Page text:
Part 2 Timeline: Steps to Negotiation and Resolution

2nd September 2014 · Comments Off

Our June 18th post was the kick-off for this in-depth series in which we peel back the curtain on how this whole CMBS process works. Previously we outlined the most common circumstances that get many Owners in hot water. We left off with helping the Owner in distress develop a persuasive hardship letter designed to meet the Servicer’s hardship requirements. Today, we pick back up…

Pre-negotiation (usually occurs in month 1 following default/transfer to Special Servicer):

Once we’ve developed a hardship letter–on behalf of the Borrower–that gets the Servicer’s attention, then the Borrower must sign a Pre-Negotiation Agreement with the Servicer that stipulates the following:

  • Communications with the Servicer are non-binding until approved by the Servicer in writing and executed by all parties.
  • Borrower acknowledges their default, if in fact the loan has defaulted.
  • Borrower presents accurate financials to the Servicer, as well as rent roll, leases, operating budgets, tax bill, insurance information, etc.
  • Borrower will need to agree that the Lender is not in default under the loan documents.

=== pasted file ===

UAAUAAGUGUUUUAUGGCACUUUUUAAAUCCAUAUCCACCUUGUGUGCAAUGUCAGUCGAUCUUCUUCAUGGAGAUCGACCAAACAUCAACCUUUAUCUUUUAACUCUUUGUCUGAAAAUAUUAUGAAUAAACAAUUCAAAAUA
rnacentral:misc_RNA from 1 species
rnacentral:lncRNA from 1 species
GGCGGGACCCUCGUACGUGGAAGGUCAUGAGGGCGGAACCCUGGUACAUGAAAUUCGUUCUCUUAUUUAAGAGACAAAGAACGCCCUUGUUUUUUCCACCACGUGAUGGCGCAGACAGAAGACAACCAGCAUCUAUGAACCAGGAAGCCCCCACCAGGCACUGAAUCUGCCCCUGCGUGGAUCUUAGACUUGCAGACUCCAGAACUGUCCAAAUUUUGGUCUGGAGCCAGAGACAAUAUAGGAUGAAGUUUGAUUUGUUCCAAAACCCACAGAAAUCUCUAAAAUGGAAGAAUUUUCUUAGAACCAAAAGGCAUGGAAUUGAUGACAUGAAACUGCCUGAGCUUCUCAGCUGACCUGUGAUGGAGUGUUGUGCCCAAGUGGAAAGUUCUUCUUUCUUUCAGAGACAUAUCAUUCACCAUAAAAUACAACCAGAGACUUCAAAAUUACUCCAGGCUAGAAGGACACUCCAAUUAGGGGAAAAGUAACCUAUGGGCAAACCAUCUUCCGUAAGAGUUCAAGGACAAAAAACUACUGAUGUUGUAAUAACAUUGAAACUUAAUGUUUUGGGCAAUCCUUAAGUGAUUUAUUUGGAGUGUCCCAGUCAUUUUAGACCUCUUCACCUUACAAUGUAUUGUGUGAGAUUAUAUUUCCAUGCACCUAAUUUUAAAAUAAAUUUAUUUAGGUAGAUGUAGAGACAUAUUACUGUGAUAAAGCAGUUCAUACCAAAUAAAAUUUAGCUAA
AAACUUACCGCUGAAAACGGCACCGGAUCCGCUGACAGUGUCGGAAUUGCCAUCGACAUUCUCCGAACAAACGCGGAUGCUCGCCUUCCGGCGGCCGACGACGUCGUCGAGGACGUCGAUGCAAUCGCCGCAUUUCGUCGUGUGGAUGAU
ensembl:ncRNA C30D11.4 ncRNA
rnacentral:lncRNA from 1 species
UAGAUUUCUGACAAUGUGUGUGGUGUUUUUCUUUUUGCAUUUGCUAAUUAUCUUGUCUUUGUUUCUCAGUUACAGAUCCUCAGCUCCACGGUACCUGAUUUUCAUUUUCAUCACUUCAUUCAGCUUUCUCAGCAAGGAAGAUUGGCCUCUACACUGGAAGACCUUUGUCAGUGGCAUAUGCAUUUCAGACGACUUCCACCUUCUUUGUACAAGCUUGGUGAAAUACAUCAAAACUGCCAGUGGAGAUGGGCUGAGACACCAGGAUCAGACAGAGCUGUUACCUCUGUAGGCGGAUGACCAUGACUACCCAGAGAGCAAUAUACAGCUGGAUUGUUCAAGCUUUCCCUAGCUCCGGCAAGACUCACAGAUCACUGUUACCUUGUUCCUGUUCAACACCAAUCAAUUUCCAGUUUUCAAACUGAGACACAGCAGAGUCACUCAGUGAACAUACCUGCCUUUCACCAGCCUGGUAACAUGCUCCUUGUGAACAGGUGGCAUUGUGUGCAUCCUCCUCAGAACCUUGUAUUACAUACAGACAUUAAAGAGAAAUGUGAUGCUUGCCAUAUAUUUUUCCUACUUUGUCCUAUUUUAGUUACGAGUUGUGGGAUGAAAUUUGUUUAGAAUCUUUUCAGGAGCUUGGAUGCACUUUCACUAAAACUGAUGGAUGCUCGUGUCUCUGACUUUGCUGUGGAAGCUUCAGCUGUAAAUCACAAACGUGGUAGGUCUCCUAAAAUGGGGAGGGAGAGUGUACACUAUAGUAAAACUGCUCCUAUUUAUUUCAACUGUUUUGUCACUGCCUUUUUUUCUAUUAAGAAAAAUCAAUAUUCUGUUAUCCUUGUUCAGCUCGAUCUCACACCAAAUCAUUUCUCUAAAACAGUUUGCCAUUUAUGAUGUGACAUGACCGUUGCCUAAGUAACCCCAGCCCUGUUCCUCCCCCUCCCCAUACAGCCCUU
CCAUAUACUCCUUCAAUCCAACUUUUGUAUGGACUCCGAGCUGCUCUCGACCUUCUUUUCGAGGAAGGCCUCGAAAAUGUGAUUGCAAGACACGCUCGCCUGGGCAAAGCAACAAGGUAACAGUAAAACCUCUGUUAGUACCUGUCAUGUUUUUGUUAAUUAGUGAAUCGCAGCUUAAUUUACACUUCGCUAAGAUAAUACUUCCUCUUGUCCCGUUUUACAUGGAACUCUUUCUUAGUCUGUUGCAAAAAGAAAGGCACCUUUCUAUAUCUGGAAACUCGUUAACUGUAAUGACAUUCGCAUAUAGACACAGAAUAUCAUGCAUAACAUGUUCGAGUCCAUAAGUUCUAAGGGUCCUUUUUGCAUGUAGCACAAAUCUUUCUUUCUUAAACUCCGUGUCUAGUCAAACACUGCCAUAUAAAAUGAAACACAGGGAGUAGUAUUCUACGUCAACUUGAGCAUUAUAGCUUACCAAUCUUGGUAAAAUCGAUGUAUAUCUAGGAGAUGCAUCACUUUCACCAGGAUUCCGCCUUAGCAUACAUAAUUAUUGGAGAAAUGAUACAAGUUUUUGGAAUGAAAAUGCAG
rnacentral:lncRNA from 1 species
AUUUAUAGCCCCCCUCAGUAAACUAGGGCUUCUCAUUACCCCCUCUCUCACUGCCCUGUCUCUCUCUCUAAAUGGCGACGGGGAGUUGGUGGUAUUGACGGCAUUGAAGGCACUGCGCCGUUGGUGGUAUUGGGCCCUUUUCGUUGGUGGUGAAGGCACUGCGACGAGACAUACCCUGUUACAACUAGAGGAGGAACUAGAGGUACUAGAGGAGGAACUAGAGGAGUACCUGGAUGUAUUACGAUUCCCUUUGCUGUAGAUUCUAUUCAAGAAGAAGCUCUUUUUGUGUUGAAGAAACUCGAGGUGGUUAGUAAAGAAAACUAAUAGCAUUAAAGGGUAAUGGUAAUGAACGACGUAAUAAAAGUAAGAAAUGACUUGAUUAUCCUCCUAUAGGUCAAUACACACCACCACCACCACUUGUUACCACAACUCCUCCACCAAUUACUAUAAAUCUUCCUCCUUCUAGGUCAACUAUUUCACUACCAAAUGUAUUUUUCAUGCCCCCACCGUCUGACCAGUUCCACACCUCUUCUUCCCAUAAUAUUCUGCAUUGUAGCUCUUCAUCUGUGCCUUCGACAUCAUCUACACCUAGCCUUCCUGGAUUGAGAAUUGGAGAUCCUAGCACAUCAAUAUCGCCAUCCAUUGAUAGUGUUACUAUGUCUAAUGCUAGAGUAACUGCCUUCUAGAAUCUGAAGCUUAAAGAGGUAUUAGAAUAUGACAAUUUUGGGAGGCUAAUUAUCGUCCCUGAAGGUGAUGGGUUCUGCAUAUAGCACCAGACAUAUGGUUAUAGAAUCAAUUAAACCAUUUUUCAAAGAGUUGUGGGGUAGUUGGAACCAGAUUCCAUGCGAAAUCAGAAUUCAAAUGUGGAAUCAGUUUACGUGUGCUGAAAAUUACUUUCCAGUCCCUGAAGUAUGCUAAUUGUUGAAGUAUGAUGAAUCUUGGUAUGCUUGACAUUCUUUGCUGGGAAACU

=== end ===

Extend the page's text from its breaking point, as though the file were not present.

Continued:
After the Pre-Negotiation Agreement (approximately 2-6 months following default or transfer to Special Servicer):

  • Servicer will dual-track the loan—pursuing foreclosure and often receivership depending on the local law and associated timeframes, at the same time they are entering into a negotiation with the Borrower.
  • Borrower decides how feasible it is to continue collecting a management fee if the property is being self-managed (there are certain situations in which fee collection is worth sacrificing…)
  • Borrower must prepare for 3rd party reviews and determine the best path to take with appraisers, site condition specialists, prospective tenants, and internal and external communications.
  • Lockbox—if the transaction includes one—may be triggered and tenants will direct rent payments into the lockbox account. (Borrower should understand their loan documents from a business standpoint as well as legal, including cash management agreement, and at what point the Servicer’s/Lender’s lock box and other provisions kick in).

Resolution (approximately 4-8 months into the process):

During a CMBS workout the Servicer will analyze Net Present Value (NPV) and all components of the proposed resolution, which could include simple modification, loan extension, A/B note modification, principal reduction, or discounted pay-off.

THG works with a wide range of clients, many who are very experienced at negotiations and others who are not. Depending on our clients’ level of comfort and knowledge, THG provides direction and guidance as necessary through the twists and turns of a CMBS workout.

Next time we will tackle… Approval, documentation, and closing timeline.

Have a loan in trouble or on its way to trouble? Have questions about how to proactively prepare should your loan head down the wrong path? Talk to us

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